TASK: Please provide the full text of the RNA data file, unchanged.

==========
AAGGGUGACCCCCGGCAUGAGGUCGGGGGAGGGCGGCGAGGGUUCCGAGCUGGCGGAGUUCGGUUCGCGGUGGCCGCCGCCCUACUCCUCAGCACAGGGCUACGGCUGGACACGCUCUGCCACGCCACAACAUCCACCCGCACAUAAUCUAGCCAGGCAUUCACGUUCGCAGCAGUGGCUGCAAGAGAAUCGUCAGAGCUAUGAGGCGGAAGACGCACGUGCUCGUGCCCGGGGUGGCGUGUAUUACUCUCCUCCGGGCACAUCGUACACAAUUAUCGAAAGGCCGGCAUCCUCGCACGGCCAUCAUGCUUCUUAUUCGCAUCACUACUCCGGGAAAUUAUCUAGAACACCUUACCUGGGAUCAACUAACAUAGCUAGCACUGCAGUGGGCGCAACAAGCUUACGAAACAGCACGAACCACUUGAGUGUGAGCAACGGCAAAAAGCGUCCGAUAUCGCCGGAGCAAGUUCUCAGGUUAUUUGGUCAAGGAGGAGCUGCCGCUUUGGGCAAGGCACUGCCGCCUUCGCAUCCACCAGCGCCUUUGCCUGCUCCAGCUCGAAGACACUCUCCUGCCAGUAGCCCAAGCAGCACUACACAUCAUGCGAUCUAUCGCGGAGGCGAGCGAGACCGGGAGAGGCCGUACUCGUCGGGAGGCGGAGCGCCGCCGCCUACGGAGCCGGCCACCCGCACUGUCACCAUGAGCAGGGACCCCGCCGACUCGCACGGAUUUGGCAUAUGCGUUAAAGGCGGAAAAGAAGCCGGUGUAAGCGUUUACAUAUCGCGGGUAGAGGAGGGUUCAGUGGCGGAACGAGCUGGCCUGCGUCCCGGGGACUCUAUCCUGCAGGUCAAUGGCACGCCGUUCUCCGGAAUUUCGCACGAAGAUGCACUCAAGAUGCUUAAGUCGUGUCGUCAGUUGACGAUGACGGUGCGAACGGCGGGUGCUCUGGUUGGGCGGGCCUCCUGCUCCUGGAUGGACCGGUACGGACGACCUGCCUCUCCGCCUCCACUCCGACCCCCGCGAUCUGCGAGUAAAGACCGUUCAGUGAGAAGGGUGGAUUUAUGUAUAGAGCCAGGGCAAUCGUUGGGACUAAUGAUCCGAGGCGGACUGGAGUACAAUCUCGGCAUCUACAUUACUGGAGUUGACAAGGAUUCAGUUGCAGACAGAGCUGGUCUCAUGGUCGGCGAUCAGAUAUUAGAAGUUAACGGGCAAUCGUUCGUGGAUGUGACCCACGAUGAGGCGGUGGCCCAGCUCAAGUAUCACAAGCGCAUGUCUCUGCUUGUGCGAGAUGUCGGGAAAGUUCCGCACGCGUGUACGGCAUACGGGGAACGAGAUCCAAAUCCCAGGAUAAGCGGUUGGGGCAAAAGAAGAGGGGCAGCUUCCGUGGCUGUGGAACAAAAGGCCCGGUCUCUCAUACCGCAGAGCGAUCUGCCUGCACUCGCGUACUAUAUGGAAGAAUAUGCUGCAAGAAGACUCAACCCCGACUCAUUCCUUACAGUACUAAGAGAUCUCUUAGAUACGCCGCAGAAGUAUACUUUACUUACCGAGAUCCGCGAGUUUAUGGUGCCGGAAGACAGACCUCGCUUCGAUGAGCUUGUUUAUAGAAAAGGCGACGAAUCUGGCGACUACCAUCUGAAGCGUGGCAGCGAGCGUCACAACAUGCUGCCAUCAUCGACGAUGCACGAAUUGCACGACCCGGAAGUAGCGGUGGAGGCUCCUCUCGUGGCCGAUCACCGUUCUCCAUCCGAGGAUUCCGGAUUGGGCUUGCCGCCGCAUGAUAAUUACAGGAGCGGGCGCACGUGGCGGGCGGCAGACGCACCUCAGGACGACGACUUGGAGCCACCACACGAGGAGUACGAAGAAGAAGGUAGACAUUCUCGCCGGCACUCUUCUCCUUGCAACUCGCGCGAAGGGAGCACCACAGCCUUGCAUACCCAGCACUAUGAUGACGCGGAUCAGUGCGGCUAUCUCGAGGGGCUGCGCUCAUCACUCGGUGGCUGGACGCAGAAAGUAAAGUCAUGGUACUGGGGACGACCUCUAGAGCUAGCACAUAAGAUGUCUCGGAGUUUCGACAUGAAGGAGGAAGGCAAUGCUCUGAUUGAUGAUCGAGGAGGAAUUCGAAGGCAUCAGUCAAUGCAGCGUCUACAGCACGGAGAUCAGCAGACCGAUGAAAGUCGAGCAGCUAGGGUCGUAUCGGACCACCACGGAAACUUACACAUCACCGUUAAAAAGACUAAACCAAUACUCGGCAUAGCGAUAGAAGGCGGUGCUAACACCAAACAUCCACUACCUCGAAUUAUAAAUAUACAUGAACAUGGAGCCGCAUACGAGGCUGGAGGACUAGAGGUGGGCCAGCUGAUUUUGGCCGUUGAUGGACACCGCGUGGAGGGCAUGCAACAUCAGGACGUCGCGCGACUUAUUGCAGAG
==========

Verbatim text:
AAGGGUGACCCCCGGCAUGAGGUCGGGGGAGGGCGGCGAGGGUUCCGAGCUGGCGGAGUUCGGUUCGCGGUGGCCGCCGCCCUACUCCUCAGCACAGGGCUACGGCUGGACACGCUCUGCCACGCCACAACAUCCACCCGCACAUAAUCUAGCCAGGCAUUCACGUUCGCAGCAGUGGCUGCAAGAGAAUCGUCAGAGCUAUGAGGCGGAAGACGCACGUGCUCGUGCCCGGGGUGGCGUGUAUUACUCUCCUCCGGGCACAUCGUACACAAUUAUCGAAAGGCCGGCAUCCUCGCACGGCCAUCAUGCUUCUUAUUCGCAUCACUACUCCGGGAAAUUAUCUAGAACACCUUACCUGGGAUCAACUAACAUAGCUAGCACUGCAGUGGGCGCAACAAGCUUACGAAACAGCACGAACCACUUGAGUGUGAGCAACGGCAAAAAGCGUCCGAUAUCGCCGGAGCAAGUUCUCAGGUUAUUUGGUCAAGGAGGAGCUGCCGCUUUGGGCAAGGCACUGCCGCCUUCGCAUCCACCAGCGCCUUUGCCUGCUCCAGCUCGAAGACACUCUCCUGCCAGUAGCCCAAGCAGCACUACACAUCAUGCGAUCUAUCGCGGAGGCGAGCGAGACCGGGAGAGGCCGUACUCGUCGGGAGGCGGAGCGCCGCCGCCUACGGAGCCGGCCACCCGCACUGUCACCAUGAGCAGGGACCCCGCCGACUCGCACGGAUUUGGCAUAUGCGUUAAAGGCGGAAAAGAAGCCGGUGUAAGCGUUUACAUAUCGCGGGUAGAGGAGGGUUCAGUGGCGGAACGAGCUGGCCUGCGUCCCGGGGACUCUAUCCUGCAGGUCAAUGGCACGCCGUUCUCCGGAAUUUCGCACGAAGAUGCACUCAAGAUGCUUAAGUCGUGUCGUCAGUUGACGAUGACGGUGCGAACGGCGGGUGCUCUGGUUGGGCGGGCCUCCUGCUCCUGGAUGGACCGGUACGGACGACCUGCCUCUCCGCCUCCACUCCGACCCCCGCGAUCUGCGAGUAAAGACCGUUCAGUGAGAAGGGUGGAUUUAUGUAUAGAGCCAGGGCAAUCGUUGGGACUAAUGAUCCGAGGCGGACUGGAGUACAAUCUCGGCAUCUACAUUACUGGAGUUGACAAGGAUUCAGUUGCAGACAGAGCUGGUCUCAUGGUCGGCGAUCAGAUAUUAGAAGUUAACGGGCAAUCGUUCGUGGAUGUGACCCACGAUGAGGCGGUGGCCCAGCUCAAGUAUCACAAGCGCAUGUCUCUGCUUGUGCGAGAUGUCGGGAAAGUUCCGCACGCGUGUACGGCAUACGGGGAACGAGAUCCAAAUCCCAGGAUAAGCGGUUGGGGCAAAAGAAGAGGGGCAGCUUCCGUGGCUGUGGAACAAAAGGCCCGGUCUCUCAUACCGCAGAGCGAUCUGCCUGCACUCGCGUACUAUAUGGAAGAAUAUGCUGCAAGAAGACUCAACCCCGACUCAUUCCUUACAGUACUAAGAGAUCUCUUAGAUACGCCGCAGAAGUAUACUUUACUUACCGAGAUCCGCGAGUUUAUGGUGCCGGAAGACAGACCUCGCUUCGAUGAGCUUGUUUAUAGAAAAGGCGACGAAUCUGGCGACUACCAUCUGAAGCGUGGCAGCGAGCGUCACAACAUGCUGCCAUCAUCGACGAUGCACGAAUUGCACGACCCGGAAGUAGCGGUGGAGGCUCCUCUCGUGGCCGAUCACCGUUCUCCAUCCGAGGAUUCCGGAUUGGGCUUGCCGCCGCAUGAUAAUUACAGGAGCGGGCGCACGUGGCGGGCGGCAGACGCACCUCAGGACGACGACUUGGAGCCACCACACGAGGAGUACGAAGAAGAAGGUAGACAUUCUCGCCGGCACUCUUCUCCUUGCAACUCGCGCGAAGGGAGCACCACAGCCUUGCAUACCCAGCACUAUGAUGACGCGGAUCAGUGCGGCUAUCUCGAGGGGCUGCGCUCAUCACUCGGUGGCUGGACGCAGAAAGUAAAGUCAUGGUACUGGGGACGACCUCUAGAGCUAGCACAUAAGAUGUCUCGGAGUUUCGACAUGAAGGAGGAAGGCAAUGCUCUGAUUGAUGAUCGAGGAGGAAUUCGAAGGCAUCAGUCAAUGCAGCGUCUACAGCACGGAGAUCAGCAGACCGAUGAAAGUCGAGCAGCUAGGGUCGUAUCGGACCACCACGGAAACUUACACAUCACCGUUAAAAAGACUAAACCAAUACUCGGCAUAGCGAUAGAAGGCGGUGCUAACACCAAACAUCCACUACCUCGAAUUAUAAAUAUACAUGAACAUGGAGCCGCAUACGAGGCUGGAGGACUAGAGGUGGGCCAGCUGAUUUUGGCCGUUGAUGGACACCGCGUGGAGGGCAUGCAACAUCAGGACGUCGCGCGACUUAUUGCAGAG